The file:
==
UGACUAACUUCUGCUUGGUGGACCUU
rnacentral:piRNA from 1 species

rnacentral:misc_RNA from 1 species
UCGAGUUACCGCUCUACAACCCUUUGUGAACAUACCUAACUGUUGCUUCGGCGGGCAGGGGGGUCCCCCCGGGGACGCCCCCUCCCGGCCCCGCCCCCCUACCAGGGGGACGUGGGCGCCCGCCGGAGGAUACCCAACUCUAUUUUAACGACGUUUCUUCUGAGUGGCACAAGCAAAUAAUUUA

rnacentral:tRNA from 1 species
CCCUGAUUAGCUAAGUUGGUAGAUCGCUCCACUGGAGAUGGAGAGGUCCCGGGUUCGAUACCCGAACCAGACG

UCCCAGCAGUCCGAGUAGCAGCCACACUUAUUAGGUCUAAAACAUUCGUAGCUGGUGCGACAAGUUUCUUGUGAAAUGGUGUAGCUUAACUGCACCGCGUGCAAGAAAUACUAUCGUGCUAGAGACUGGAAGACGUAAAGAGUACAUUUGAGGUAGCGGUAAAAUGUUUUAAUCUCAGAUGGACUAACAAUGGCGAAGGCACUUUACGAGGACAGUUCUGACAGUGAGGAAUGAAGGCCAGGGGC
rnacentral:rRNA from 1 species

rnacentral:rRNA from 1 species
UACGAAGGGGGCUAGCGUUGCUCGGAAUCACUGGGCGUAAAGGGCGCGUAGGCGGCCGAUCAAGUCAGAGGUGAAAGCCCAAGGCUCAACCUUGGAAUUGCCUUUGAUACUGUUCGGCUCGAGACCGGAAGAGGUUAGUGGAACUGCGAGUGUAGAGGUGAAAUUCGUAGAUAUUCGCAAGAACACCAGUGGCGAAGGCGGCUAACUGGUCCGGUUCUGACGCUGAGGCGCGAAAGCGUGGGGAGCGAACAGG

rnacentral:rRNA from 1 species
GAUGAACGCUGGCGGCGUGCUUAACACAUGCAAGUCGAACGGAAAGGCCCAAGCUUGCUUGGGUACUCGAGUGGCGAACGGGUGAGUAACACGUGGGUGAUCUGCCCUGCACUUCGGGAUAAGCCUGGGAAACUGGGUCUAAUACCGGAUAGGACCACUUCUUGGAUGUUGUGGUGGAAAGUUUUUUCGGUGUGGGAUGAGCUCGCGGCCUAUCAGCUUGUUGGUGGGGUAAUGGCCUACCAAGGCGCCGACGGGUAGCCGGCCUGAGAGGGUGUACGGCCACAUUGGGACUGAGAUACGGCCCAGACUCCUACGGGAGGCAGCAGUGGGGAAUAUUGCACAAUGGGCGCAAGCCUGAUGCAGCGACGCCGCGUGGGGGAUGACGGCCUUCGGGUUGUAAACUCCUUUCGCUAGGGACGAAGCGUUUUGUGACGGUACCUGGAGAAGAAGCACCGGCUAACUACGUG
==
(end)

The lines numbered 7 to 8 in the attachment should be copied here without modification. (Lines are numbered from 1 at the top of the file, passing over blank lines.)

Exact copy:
UCCCAGCAGUCCGAGUAGCAGCCACACUUAUUAGGUCUAAAACAUUCGUAGCUGGUGCGACAAGUUUCUUGUGAAAUGGUGUAGCUUAACUGCACCGCGUGCAAGAAAUACUAUCGUGCUAGAGACUGGAAGACGUAAAGAGUACAUUUGAGGUAGCGGUAAAAUGUUUUAAUCUCAGAUGGACUAACAAUGGCGAAGGCACUUUACGAGGACAGUUCUGACAGUGAGGAAUGAAGGCCAGGGGC
rnacentral:rRNA from 1 species